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did 1.0 have "complex" quests?

#1 Apr 07 2013 at 10:02 AM Rating: Decent
972 posts
KaneKitty wrote:
Kachi wrote:
Eh, I don't mind having a Fields of Valor type situation where you can gain XP faster by targeting certain types of monsters (assuring that you actually travel around the area and fight different types of monsters rather than finding the best place to grind out Coblyns). I don't want any of that sh*t in my questing, though. To me, if you can't throw in a bit of original story and scenario, don't @#%^ing bother calling it a quest.

MMOs are notoriously terrible about this. It'd be one thing if they made even the most minimal effort, say by imposing a time limit on the Kill 10 X quest, but it's usually less of a quest and more of a "Hey, why don't you go XP on spiders for a while?"

Yes! Yes, exactly! It's the fact that these MMO "quests" are too bare-bones to be called such, and because they become stale incredibly quickly, that their presence is so annoying.

Give simple, grinding-type content without a story for exp. purposes, and give interesting narratives to quests. If you give a narrative with every little task, then we just get 200 forgettable walls of text that involve poor excuses to hack at monsters spawning right next to us. It's a poor design, it's a poor story and, worst of all, it's not even fun to play through!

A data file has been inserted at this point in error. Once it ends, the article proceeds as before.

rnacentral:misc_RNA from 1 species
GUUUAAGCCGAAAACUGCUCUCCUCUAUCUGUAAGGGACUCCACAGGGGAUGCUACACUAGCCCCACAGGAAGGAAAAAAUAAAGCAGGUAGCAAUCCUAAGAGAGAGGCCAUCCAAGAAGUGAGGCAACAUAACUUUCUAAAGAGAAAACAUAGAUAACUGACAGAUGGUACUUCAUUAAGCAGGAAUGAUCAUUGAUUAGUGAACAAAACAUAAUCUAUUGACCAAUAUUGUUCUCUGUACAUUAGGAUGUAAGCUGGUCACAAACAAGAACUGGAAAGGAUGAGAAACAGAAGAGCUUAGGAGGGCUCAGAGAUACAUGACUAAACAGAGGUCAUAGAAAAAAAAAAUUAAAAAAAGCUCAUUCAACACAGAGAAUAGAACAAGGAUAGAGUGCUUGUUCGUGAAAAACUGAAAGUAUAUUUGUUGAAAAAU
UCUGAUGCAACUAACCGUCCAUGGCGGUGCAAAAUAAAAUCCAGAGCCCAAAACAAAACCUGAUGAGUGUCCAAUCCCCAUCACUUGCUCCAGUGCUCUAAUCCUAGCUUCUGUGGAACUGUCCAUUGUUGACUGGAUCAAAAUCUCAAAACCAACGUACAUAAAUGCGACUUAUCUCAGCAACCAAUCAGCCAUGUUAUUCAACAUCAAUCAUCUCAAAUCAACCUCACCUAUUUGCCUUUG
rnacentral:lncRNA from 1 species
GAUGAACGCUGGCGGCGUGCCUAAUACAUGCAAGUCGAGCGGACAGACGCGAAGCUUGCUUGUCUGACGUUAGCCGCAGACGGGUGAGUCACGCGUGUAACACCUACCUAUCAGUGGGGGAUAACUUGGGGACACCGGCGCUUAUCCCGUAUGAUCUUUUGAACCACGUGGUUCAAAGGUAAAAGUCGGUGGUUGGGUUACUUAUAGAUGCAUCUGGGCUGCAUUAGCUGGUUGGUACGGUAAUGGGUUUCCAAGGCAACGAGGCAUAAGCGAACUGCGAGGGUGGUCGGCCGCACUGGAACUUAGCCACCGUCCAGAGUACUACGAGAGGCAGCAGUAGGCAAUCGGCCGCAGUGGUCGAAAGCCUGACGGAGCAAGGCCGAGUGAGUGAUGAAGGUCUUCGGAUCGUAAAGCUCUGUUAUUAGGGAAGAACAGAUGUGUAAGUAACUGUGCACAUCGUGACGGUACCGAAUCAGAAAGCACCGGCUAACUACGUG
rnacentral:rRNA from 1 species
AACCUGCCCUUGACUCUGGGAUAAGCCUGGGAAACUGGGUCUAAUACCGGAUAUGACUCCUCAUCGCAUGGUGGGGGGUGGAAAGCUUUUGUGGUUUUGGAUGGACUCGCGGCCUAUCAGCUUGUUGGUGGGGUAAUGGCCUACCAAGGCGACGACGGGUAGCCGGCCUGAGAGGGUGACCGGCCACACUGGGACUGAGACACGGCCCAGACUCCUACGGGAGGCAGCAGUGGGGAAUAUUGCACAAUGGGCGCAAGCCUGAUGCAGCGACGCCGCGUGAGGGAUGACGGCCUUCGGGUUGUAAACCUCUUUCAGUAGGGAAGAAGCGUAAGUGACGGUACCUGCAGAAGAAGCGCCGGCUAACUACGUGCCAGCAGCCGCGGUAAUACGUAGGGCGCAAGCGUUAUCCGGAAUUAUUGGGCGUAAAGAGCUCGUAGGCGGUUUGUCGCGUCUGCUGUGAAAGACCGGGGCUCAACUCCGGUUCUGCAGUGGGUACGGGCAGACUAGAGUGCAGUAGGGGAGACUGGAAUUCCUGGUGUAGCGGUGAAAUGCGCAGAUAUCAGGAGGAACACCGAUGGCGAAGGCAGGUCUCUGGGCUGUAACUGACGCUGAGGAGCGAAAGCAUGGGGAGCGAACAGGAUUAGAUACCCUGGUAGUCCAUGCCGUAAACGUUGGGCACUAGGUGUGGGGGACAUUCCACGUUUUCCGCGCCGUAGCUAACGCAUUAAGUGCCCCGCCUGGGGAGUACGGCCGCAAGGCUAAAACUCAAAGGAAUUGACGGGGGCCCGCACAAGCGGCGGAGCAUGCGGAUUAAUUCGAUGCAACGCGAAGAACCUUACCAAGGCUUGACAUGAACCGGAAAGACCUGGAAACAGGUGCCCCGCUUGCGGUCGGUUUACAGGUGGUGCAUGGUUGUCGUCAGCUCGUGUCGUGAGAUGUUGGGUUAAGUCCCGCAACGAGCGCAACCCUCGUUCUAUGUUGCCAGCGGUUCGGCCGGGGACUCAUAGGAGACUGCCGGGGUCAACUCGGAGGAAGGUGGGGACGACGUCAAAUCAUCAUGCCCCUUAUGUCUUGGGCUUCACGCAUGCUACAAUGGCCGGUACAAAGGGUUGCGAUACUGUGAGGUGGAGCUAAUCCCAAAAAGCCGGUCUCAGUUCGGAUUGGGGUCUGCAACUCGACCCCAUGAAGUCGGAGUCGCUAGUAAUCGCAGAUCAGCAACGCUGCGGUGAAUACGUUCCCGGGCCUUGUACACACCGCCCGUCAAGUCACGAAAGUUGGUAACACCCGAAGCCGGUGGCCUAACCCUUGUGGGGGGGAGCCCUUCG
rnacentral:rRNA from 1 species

I agree with these sentiments. In my opinion, everything comes down to dynamics. Too much of a single thing or theme can begin to feel to familiar or lose some luster. The depth of the great is felt more when there is more tuned down aspects preceding it. If I were to speak to you about the same topic and never shift. You would feel less impacted or maybe just grow slightly disinterested. If I were to speak or project my words at the same speed, without pauses, different inflections, or without the use of different mannerisms. You would feel less impacted or maybe grow quite disinterested.

The same goes with game design. It might be a good idea to approach narrative in the same manner. Create a world with no text based or cutscene narrative and the intepretation is left entirely up to the user. Create a world with text based or cutscene narrative for every little thing and the user has no room to interpret much. The extremes do not have to be the only avenue of delivery.

What about all the subtle flavors?
Each quest could touch upon different emotional themes, an npc might speak through the inflection of different beliefs or moods.The reason to kill beasts differ to each individual. Is it out of neccessity or the fun/ thrill of the pursuit?
Pushing aside the known fact that the internet can be used to look up everything one wishes to know about a game. Would there really be an important neccesary purpose for hunting beasts other than gaining xp? Yes from time to time, but not a constant. When there is dynamics, the lesser things and greater things take on more significance.
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